It is no surprise to Detroit Lions fans that the team is not expected to do very well this season. Between a complete overhaul of the front office and coaching staff plus a major change at quarterback, no credible observer would suggest they are contending for a title. However, the question remains as to how bad the team will be relative to the rest of the league. As posted by ESPN’s Field Yates, there is another oddsmaker out there who has an early take on that subject:
Williams Hill has released its projected win totals for the 2021 NFL season.— Field Yates (@FieldYates) April 16, 2021
1. Chiefs: 12
2. Bucs: 11.5
T-3. Packers/Ravens: 11
T-5. Bills/Rams: 10.5
T-1. Lions/Texans: 5
T-3. Jets/Jaguars: 6
5. Bengals: 6.5 pic.twitter.com/8OT1YGoz1d
The United States operations of William Hill Sports Betting posted total regular season win over/under betting lines for all 32 NFL teams, and only the Detroit Lions and Houston Texans are set at five wins. This is the same paltry victory count assigned to the Lions by the DraftKings sportsbook.
To put this in perspective, the Texans have also likely lost their starting quarterback (for reasons we shall not venture into here) and also overhauled their entire front office and coaching staff, but the manner in which these things have happened seem awfully different. For one, even our SB Nation sister site Battle Red Blog has no idea who the starting quarterback will be for the Texans while the Lions are clearly set on giving Jared Goff the chance to take command right away. The lack of team direction at quarterback has turned into something of a circus there, so it is tough to say the Lions are in as bad shape in this department.
Then there is the regime changeover aspect. While at first the fans wondered how well Brad Holmes and Dan Campbell would acclimate to their new positions, they have done pretty darn well in their first few months. Meanwhile over in Houston, the job new general manager Nick Caserio has done has been almost okay given what he had to work with, but mostly the praise seems to be “he’s not Bill O’Brien.”
Now, I’m not going to argue the current Lions roster is some magnificent phoenix reborn from the ashes of a bonfire made from Matt Patricia’s pencil overstock, but do we really believe the Lions are in the same competitive state as the Texans right now? Perhaps those paying attention to the Lions don’t know any better, but for the most part it seems everyone else out there is simply assuming it’s the same old mess in Detroit. Come on guys, it’s bad but it’s not that bad. Right?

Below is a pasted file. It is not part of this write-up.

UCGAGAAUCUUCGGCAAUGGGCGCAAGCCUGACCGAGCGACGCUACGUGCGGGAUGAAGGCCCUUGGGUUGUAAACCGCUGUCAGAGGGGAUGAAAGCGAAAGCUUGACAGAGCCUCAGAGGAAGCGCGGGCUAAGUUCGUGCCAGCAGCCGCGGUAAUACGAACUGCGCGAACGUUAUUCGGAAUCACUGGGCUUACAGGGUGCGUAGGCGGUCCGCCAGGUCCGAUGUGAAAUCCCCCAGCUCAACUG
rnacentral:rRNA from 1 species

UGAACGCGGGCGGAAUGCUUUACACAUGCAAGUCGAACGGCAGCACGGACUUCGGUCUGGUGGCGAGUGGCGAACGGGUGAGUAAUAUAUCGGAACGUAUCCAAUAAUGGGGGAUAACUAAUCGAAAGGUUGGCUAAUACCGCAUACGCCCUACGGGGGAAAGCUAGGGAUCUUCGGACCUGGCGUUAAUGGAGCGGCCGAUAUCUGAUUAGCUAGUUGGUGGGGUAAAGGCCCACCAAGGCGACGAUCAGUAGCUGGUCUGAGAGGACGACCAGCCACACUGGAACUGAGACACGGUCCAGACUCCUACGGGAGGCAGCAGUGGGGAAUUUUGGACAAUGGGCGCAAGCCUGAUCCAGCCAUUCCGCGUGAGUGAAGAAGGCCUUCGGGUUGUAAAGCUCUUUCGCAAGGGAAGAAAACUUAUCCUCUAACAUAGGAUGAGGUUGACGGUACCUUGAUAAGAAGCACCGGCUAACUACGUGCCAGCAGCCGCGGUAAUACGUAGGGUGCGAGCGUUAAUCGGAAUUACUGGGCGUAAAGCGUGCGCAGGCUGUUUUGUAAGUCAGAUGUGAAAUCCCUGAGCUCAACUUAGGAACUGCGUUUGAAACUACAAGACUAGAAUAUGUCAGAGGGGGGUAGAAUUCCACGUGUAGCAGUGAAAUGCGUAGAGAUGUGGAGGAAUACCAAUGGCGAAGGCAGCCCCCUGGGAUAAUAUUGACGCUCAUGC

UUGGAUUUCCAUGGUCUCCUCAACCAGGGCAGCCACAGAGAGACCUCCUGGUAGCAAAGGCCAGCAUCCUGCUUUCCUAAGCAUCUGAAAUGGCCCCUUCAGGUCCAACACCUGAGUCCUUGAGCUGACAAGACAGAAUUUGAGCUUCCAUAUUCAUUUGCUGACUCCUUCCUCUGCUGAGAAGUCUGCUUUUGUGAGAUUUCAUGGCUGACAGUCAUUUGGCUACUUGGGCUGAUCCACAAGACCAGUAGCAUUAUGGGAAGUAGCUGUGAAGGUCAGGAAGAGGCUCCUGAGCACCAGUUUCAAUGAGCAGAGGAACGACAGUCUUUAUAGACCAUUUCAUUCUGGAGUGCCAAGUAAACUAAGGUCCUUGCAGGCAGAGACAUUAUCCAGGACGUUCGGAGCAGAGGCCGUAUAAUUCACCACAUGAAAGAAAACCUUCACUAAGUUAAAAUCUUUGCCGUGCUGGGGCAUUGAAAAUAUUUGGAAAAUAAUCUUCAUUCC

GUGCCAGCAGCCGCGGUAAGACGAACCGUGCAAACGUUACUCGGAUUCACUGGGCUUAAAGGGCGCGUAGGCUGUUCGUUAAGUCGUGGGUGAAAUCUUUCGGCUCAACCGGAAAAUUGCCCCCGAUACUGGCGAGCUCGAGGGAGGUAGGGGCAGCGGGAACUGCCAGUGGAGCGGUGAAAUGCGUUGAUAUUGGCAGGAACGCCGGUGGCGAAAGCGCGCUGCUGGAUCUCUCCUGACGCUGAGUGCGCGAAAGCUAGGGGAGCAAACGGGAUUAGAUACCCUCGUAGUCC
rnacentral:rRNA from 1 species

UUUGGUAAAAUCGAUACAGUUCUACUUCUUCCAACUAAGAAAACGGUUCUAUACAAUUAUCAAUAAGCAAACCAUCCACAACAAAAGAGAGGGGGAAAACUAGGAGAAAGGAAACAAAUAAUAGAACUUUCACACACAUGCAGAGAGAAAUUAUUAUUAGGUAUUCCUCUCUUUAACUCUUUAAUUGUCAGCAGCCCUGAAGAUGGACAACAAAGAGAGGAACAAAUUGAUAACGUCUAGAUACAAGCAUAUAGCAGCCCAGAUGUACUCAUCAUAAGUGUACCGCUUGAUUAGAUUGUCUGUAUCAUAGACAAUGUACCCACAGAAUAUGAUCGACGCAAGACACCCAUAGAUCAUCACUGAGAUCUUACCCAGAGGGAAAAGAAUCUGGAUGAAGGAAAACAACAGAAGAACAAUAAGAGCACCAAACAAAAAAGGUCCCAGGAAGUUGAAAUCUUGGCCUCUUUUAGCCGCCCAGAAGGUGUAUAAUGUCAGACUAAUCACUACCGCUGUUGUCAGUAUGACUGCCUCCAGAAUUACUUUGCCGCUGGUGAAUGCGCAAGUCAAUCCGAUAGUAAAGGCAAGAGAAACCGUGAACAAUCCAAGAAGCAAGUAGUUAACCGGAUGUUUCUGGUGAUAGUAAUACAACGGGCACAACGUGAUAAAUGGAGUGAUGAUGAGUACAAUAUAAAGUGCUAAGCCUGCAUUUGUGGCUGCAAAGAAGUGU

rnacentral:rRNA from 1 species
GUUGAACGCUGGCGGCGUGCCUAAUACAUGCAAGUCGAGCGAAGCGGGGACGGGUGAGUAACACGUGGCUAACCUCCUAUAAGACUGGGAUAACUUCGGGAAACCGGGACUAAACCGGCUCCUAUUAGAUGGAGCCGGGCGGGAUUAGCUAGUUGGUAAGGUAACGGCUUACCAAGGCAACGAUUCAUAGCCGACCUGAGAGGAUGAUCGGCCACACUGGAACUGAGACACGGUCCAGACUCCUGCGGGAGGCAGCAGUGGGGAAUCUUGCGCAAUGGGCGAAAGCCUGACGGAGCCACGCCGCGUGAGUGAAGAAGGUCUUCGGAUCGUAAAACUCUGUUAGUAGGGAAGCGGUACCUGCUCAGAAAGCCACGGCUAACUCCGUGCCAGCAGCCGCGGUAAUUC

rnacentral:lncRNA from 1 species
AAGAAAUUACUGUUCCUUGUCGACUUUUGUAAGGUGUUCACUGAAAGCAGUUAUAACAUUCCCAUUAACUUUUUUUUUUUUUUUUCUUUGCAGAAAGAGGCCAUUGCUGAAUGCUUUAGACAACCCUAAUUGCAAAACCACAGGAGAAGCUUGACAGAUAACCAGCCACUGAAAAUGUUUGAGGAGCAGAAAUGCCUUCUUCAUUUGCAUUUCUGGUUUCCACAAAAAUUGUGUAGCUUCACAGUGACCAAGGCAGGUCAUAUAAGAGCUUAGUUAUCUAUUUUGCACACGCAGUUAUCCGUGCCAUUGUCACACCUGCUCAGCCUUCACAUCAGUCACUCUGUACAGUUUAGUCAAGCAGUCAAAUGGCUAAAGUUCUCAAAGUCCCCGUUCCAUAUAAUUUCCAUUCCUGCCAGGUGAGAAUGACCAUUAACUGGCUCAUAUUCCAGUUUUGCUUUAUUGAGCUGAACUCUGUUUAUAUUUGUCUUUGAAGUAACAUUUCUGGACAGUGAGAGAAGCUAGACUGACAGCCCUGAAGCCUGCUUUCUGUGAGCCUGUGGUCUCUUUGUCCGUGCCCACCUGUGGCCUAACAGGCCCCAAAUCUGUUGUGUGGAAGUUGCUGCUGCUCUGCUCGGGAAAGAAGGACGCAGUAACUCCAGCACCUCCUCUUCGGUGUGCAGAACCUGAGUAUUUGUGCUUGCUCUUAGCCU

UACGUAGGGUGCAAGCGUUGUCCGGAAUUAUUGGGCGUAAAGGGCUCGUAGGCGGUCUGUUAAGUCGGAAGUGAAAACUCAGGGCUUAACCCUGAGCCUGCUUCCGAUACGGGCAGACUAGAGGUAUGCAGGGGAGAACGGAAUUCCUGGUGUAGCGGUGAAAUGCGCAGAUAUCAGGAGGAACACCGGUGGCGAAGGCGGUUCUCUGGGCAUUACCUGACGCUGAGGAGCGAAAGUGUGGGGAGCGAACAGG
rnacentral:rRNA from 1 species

Anyhoo, on to the rest of today’s Notes:
- Bleacher Report’s Brent Sobleski believes the Lions wide receivers are so bad as a unit right now that their top two out of three draft needs are both wide receiver.
- Well, this is kind of interesting:
Most Pass Attempts Targeting the Slot since 2018:— PFF DET Lions (@PFF_Lions) April 14, 2021
1. Jared Goff - 534
2. Patrick Mahomes - 531
3. Tom Brady - 518
4. Deshaun Watson - 509
Whoever does line up in the slot for the #Lions can expect plenty of work with Goff under center#OnePride https://t.co/Zutld25DBg
- Mike O’Hara at the official team site wrote about five quarterbacks who might interest the Lions in the draft. He excluded Trevor Lawrence, but you already know who four of the five are. The last one in the article is a different late-round option we’ve not seen discussed much.
- NFL Data & Analytics’ Michael Lopez posted what he called team level draft curves as plots of career average value (vertical y-axis) against pick position (horizontal x-axis). He took requests for individual teams to be highlighted on separate plots, and here is what you get for the Detroit Lions:
About as close to league average as you can get pic.twitter.com/MUpfeeRgxV— Michael Lopez (@StatsbyLopez) April 16, 2021
The way you read that is “above the line = good, below the line = bad.” The dashed line is the team’s overall trend performance across all picks they made. When Lopez says they are about league average, it’s because the dashed line (the trend from only Lions picks) is sitting almost right on top of the solid black line (the trend from all picks from all teams). As an aside, this makes me extra sad the Lions failed to retain either Larry Warford or Graham Glasgow.
- Side note about the Raiders parting ways with their former fifth-round pick out of Michigan, defensive tackle Maurice Hurst (he’s pretty good):
For those wondering, waiver priority is currently the same as the original draft order (prior to trades).— Pride of Detroit (@PrideOfDetroit) April 15, 2021
So if the #Lions want either of these players (Hurst, please), they'll have to hope the 6 teams above them don't put in a claim. https://t.co/0QZPIel5qM
- A fascinating read by Pro Football Focus’ Brad Spielberger from a few days ago talks about how many snaps new players at each position could realistically be expected to contribute in their rookie season. This is in the context of suggesting later round picks should be geared toward addressing expected future needs rather than immediate holes in the lineup. A cool corollary is the usual “draft a guard in the third” thing we throw around all the time (see: Larry Warford and Graham Glasgow):